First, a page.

Electroconvulsive Therapy in Pediatrics
Submitted by Stacey Kast, RN, BSN
Electroconvulsive Therapy (ECT) previously known as Electroconvulsive Shock Therapy is a procedure initiated in patients with mental illness so as to spur reprieve. The process involves the passing of a small quantity of electric current through the brain in a bid to create a brief seizure by altering the brain chemistry in order to reverse some symptoms of mental distortion. Although ECT is associated with some side effects like memory loss its application for about 6 months or more results to changes in the symptoms in some patients. Dr. Bour Heuyer first carried out ECT application on young ones who had varied psychiatric conditions in the early 1940s. Later on in 1947, Dr. Lauretta Bender performed the first American cases of ECT application and noted a remarkable improvement on patients ailing from childhood schizophrenia (Kellner, 2014). The therapy is used to alleviate instances of mental disorders like, mania, catatonia, schizophrenia, and depression. ECT is applicable to both minors and seniors although it is widely carried more on adults. The performance of ECT on young ones is a sensitive matter that requires the utilization of relative medical ethics to a high extent.
Importance of Medical Ethics in ECT Young Patients
The performance of ECT on patients is a matter that has resulted to criticism and contradictions due to the side effects that are associated with its application in a substandard way (Lima et. al., 2013). Therefore, ECT experts are indeed under duress to ensure that they follow the correct procedures as well as ensure that they are no essential processes omitted. Failure to observe the dictums of professional medical ethics, the patients are at a risk of suffering from the side effects which include; confusion, memory loss, heart rate and blood pressure increase, muscle ache, nausea, and headache. Medical expatriates who initiate the ECT process must endeavor to uphold professional medical ethics, especially, when performing ECT on young ones below the age of eighteen years. Some of the tenets of ethical brilliance in ECT performance by professionals include; beneficence, justice and respect to the law of the land, and autonomy.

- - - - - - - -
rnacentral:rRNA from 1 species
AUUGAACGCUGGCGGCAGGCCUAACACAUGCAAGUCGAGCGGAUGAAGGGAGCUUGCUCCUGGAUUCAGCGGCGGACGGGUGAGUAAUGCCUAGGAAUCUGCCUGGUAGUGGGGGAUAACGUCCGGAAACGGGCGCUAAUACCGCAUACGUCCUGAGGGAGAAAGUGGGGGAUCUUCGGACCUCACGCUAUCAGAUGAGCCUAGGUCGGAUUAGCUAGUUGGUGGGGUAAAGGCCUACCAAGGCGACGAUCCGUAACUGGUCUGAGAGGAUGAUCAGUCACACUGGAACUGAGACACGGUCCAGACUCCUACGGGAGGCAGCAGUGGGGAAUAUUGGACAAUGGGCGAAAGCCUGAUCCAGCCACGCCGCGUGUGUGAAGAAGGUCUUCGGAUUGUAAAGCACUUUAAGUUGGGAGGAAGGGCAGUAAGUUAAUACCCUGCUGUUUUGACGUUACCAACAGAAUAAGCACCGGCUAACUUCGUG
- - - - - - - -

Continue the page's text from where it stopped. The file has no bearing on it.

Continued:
This refers to the choice of acting in the best interest of the patient. ECT experts uphold this ethical guideline by ensuring that the young ones whom are subjected through the Electroconvulsive Therapy are safe from any possible complication. According to the data available on ECT application, no pediatric patient has died due to the performance of ECT (Kellner, 2014). The existing data seeks to point that they are little risk matters regarding ECT performance on the pediatric population. In accordance to this, ECT professionals are ethically aligned by seeking to arouse seizures through ECT on young ones suffering from psychiatric cases. Similarly, in accordance to the same medical ethical doctrine that demands that doctors and physicians should not harm patients, it s necessary for ECT experts to ensure that they keenly initiate the process in order for it to remain harmless as it is supposed to be.